LAHORE - Punjab Governor Malik Mohammad Rafique Rajwana derives most of his powers from the party leadership, and he feels greatly obliged for this favour done to a political worker like him from south Punjab.

Despite occupying a ceremonial office, he makes best use of his constitutional powers as Chancellor of the public sector universities and the chief Ombudsman in Punjab. In his capacity as the final arbiter on public complaints against government departments, he sets aside rules when it comes to providing relief to the least privileged.

Previously, a practicing lawyer, a lawmaker and an additional session judge, Mr Rajwana believes that rules are made for benefit of the citizens and not to put them in trouble.

“When I feel that rules are becoming a hurdle in provision of justice to the people, I don’t hesitate to bend them”, he says.

“My staff often puts up files with notes that some particular case had become time-barred and hence should be rejected. But I go through merits of the case and apply my judicial mind to do justice with the complainant”, the governor said as he sat across the dining table with a select group of journalists at the Governor House here yesterday.

Before this interaction, he chaired a meeting on law and order with IGP, Home Secretary and other senior officials in attendance. He directed the officers to ensure security of official buildings especially the educational institutions in the wake of recent threats from the terrorists.

Usually the chief minister chairs such meetings and it is very rare that top babus would come to the governor house to brief the governor on security issues. But this is indicative of the confidence the chief executive poses in the governor.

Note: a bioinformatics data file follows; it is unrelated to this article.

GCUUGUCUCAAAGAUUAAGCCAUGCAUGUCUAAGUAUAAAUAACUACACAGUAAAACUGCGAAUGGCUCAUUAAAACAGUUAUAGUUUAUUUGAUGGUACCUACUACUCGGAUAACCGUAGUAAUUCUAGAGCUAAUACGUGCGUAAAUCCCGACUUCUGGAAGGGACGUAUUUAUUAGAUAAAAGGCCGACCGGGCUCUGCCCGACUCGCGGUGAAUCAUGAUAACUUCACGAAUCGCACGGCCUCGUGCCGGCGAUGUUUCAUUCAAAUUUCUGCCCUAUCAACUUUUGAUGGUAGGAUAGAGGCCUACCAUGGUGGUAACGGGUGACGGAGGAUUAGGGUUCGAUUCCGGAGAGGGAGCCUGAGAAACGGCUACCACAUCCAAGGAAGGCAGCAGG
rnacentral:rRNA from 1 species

Previously a governor resigned complaining that he had now powers to bring about any significant change in the lives of people he was supposed to serve as governor.

Rafique Rajwana said he was assisting Chief Minister Shahbaz Sharif to implement projects in health and education sectors. “I have ears of the chief minister who gives importance to my advice. I derive my powers mainly from top party leadership as I enjoy their confidence and they value my advice”, he averred.

Interestingly, it is article 105 of the Constitution which determines powers of the governor vis-à-vis the chief minister. It says that governor of a province would act on ‘advice’ of the chief minister in discharge of his official duties.

But in the present case, the situation seems to be other way round. If the governor is to be believed, the chief minister is also taking advice from the governor in certain matters.

On development of south Punjab, Rajwana said that chief minister had announced ‘South Punjab Empowerment Package’ a year back to end the sense of deprivation in the area. The governor said he was heading a sub-committee to ensure implementation on different projects initiated under this program.

“My appointment as governor itself speaks volumes about the importance the PML-N leadership attaches to south Punjab” he affirmed.

Asked about the controversy involving sacking of Aitcheson College Principal and the subsequent situation arising out of court orders, the governor said it had nothing to do with the admission of scions of political families.

The governor was asked this question because he heads the all-powerful Board of Governors (BoG) of the Aitcheson College which sacked its Principal last month. He maintained that BoG removed the Principal on administrative grounds because there were several complaints against him. “In fact, he had not been able to run the college affairs in an effective manner”, he concluded.